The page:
hbase-user mailing list archives

Site index · List index
Message view « Date » · « Thread »
Top « Date » · « Thread »
From ramkrishna vasudevan <ramkrishna.s.vasude...@gmail.com>
Subject Re: New post on hbase-1.1.0 throttling feature up on our Apache blog
Date Thu, 14 May 2015 04:34:28 GMT
I think related to this would be HBASE-12790 where we would do a round
robin scheduling and thus helps the shorter scans also to get some time
slice to get the execution cycle.

On Thu, May 14, 2015 at 7:12 AM, Matteo Bertozzi <theo.bertozzi@gmail.com>
wrote:

> @nick we have already something like that, which is HBASE-10993
> and it is basically reordering requests based on how many scan.next you
> did.
> (see the picture)
> http://blog.cloudera.com/wp-content/uploads/2014/11/hbase-multi-f2.png
> the problem is that we can't eject requests in execution and we are not
> heavy enough on removing request from the queue and send a retry to the
> client in case someone with more priority is in.
>
> Matteo
>
>
> On Wed, May 13, 2015 at 6:38 PM, Nick Dimiduk <ndimiduk@gmail.com> wrote:
>
> > I guess what I'm thinking of is more about scheduling than
> > quota/throttling. I don't want my online requests to sit in a queue
> behind
> > MR requests while the MR work build up to it's quota amount. I want a
> > scheduler to do time-slicing of operations, with preferential treatment
> > given to online work over long scan ("analytical") work. For example, all
> > scan RPC's "known" to cover "lots" of Cells get de-prioritized vs gets
> and
> > short scans. Maybe this is synthesized with an RPC annotation marking it
> as
> > "long" vs "short" -- MR scans are marked "long". I'm not sure, and I need
> > to look more closely at recent scan improvements. IIRC, there's a
> heartbeat
> > now, which maybe is a general mechanism allowing for long operations to
> not
> > stomp over short operations. Heartbeat implies the long-running scan is
> > coming up for air from time to time, allowing itself to be interrupted
> and
> > defer to higher priority work. This isn't preemption, but does allow for
> an
> > upper bound on how long the next queued task waits.
> >
> > On Wed, May 13, 2015 at 6:11 PM, Matteo Bertozzi <
> theo.bertozzi@gmail.com>
> > wrote:
> >
> > > @nick what would you like to have? a match on a Job ID or something
> like
> > > that?
> > > currently only user/table/namespace are supported,
> > > but group support can be easily added.
> > > not sure about a job-id or job-name since we don't have that info on
> the
> > > scan.
> > >
> > > On Wed, May 13, 2015 at 6:04 PM, Nick Dimiduk <ndimiduk@gmail.com>
> > wrote:
> > >
> > > > Sorry. Yeah, sure, I can ask over there.
> > > >
> > > > The throttle was set by user in these tests.  You cannot directly
> > > > > throttle a specific job, but do have the option to set the throttle
> > > > > for a table or a namespace.  That might be sufficient for you to
> > > > > achieve your objective (unless those jobs are run by one user and
> > > > > access the same table.)
> > > >
> > > >
> > > > Maybe running as different users is the key, but this seems like a
> very
> > > > important use-case to support -- folks doing aggregate analysis
> > > > concurrently on an online table.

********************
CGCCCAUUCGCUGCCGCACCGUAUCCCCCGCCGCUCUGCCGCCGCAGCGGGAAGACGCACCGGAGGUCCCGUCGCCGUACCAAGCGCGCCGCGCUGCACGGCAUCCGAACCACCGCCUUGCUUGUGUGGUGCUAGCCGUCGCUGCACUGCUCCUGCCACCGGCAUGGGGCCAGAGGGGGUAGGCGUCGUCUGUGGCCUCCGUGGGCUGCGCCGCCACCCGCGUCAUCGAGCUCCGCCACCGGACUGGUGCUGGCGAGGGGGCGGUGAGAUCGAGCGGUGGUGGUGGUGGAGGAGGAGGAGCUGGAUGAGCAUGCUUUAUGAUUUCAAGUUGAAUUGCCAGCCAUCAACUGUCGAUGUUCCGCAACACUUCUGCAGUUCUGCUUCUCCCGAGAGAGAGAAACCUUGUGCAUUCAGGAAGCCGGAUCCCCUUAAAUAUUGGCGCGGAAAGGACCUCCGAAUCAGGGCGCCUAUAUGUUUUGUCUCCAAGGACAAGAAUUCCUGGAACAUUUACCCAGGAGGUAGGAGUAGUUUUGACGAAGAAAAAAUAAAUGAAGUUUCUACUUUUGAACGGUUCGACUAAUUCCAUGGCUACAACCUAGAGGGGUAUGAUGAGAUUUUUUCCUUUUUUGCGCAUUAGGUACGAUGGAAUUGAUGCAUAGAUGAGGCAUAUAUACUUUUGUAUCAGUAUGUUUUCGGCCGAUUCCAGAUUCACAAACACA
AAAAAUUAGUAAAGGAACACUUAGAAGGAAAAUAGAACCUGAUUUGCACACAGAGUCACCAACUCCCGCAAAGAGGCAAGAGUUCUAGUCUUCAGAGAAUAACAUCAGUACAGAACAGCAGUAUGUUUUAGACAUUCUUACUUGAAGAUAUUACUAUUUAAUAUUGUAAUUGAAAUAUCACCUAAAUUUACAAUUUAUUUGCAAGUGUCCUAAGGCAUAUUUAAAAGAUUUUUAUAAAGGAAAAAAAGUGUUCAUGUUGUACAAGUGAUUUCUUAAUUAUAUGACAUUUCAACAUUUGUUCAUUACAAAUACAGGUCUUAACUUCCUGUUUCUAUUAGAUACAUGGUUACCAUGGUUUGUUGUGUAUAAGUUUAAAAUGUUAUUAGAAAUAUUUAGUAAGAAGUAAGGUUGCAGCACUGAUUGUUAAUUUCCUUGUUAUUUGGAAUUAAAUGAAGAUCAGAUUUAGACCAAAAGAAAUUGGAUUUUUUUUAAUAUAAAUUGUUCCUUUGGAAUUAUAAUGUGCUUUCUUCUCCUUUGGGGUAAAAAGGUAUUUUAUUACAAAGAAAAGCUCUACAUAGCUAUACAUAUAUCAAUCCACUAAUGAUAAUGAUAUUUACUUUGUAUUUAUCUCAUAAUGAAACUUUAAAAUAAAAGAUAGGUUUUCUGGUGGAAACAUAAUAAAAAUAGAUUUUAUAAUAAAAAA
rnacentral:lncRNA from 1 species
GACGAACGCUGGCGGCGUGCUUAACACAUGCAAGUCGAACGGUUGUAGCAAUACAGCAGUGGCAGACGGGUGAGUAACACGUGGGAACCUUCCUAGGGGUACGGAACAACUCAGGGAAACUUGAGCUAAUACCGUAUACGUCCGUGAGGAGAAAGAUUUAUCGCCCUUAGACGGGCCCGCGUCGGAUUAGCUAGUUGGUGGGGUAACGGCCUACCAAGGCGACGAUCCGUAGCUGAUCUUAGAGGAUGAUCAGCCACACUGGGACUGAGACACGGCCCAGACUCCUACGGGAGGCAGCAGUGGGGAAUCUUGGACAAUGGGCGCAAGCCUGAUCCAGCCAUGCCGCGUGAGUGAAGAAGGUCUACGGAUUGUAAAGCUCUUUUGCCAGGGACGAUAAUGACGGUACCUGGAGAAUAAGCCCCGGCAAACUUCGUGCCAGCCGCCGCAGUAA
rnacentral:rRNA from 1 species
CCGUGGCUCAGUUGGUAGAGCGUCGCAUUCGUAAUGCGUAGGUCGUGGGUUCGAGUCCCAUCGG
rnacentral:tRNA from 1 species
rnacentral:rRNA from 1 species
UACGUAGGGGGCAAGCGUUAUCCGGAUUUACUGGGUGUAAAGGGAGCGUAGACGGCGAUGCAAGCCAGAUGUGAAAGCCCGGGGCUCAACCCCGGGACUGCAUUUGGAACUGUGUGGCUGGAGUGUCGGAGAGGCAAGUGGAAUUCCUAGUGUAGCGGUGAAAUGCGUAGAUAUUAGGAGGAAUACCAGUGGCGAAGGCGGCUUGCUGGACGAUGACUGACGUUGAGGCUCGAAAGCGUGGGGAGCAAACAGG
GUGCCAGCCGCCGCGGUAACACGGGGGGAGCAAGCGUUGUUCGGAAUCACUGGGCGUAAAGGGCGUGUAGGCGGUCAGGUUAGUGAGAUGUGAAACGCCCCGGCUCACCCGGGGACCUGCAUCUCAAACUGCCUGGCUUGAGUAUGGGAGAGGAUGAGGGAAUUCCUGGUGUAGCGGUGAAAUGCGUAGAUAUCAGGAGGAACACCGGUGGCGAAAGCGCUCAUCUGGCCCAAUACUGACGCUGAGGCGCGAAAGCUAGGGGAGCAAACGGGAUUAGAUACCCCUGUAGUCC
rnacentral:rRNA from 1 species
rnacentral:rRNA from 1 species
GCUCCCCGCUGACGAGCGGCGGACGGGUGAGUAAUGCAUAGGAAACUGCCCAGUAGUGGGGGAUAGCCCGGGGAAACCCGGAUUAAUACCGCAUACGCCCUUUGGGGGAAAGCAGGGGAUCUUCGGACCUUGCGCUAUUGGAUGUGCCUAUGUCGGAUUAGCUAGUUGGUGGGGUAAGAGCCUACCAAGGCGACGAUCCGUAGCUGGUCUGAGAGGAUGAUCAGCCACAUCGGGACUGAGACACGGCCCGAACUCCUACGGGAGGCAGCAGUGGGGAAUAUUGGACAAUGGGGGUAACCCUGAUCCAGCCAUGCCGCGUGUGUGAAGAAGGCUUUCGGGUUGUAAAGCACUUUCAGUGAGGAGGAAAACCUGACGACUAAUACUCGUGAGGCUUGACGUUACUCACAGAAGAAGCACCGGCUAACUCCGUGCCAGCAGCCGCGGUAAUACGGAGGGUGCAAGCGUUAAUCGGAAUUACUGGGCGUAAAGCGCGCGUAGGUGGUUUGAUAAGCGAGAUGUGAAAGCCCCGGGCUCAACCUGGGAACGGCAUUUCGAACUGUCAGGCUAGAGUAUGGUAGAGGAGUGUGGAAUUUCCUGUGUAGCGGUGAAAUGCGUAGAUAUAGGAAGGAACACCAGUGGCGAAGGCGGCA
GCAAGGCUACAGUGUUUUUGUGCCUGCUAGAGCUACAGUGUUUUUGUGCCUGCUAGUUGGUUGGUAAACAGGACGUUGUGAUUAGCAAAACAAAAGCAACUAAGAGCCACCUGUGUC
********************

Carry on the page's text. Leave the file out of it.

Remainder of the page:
> > > >
> > > > On Wed, May 13, 2015 at 5:53 PM, Stack <stack@duboce.net> wrote:
> > > >
> > > > > Should we add in your comments on the blog Govind: i.e. the answers
> > to
> > > > > Nicks' questions?
> > > > > St.Ack
> > > > >
> > > > > On Wed, May 13, 2015 at 5:48 PM, Govind Kamat <gkamat@cloudera.com
> >
> > > > wrote:
> > > > >
> > > > > >  > This is a great demonstration of these new features, thanks
> for
> > > > > > pointing it
> > > > > >  > out Stack.
> > > > > >  >
> > > > > >  > I'm curious: what percentile latencies are this reported?
Does
> > the
> > > > > >  > non-throttled user see significant latency improvements
in the
> > 95,
> > > > > 99pct
> > > > > >  > when the competing, scanning users are throttled? MB/s
and
> req/s
> > > are
> > > > > >  > managed at the region level? Region server level? Aggregate?
> > > > > >
> > > > > > The latencies reported in the post are average latencies.
> > > > > >
> > > > > > Yes, the non-throttled user sees an across-the-board improvement
> in
> > > > > > the 95th and 99th percentiles, in addition to the improvement
in
> > > > > > average latency.  The extent of improvement is significant as
> well
> > > but
> > > > > > varies with the throttle pressure, just as in the case of the
> > average
> > > > > > latencies.
> > > > > >
> > > > > > The total throughput numbers (req/s) are aggregate numbers
> reported
> > > by
> > > > > > the YCSB client.
> > > > > >
> > > > > >  > These throttle points are by user? Is there a way for
us to
> say
> > > "all
> > > > > MR
> > > > > >  > jobs are lower priority than online queries"?
> > > > > >  >
> > > > > >
> > > > > > The throttle was set by user in these tests.  You cannot directly
> > > > > > throttle a specific job, but do have the option to set the
> throttle
> > > > > > for a table or a namespace.  That might be sufficient for you
to
> > > > > > achieve your objective (unless those jobs are run by one user
and
> > > > > > access the same table.)
> > > > > >
> > > > > > Govind
> > > > > >
> > > > > >
> > > > > >  > Thanks,
> > > > > >  > Nick
> > > > > >  >
> > > > > >  > On Tue, May 12, 2015 at 1:58 PM, Stack <stack@duboce.net>
> > wrote:
> > > > > >  >
> > > > > >  > > .. by our Govind.
> > > > > >  > >
> > > > > >  > > See here:
> > > > > >  > >
> > > > > >
> > > > >
> > > >
> > >
> >
> https://blogs.apache.org/hbase/entry/the_hbase_request_throttling_feature
> > > > > >  > >
> > > > > >  > > St.Ack
> > > > > >  > >
> > > > > >
> > > > >
> > > >
> > >
> >
>

Mime
  • Unnamed multipart/alternative (inline, None, 0 bytes)
View raw message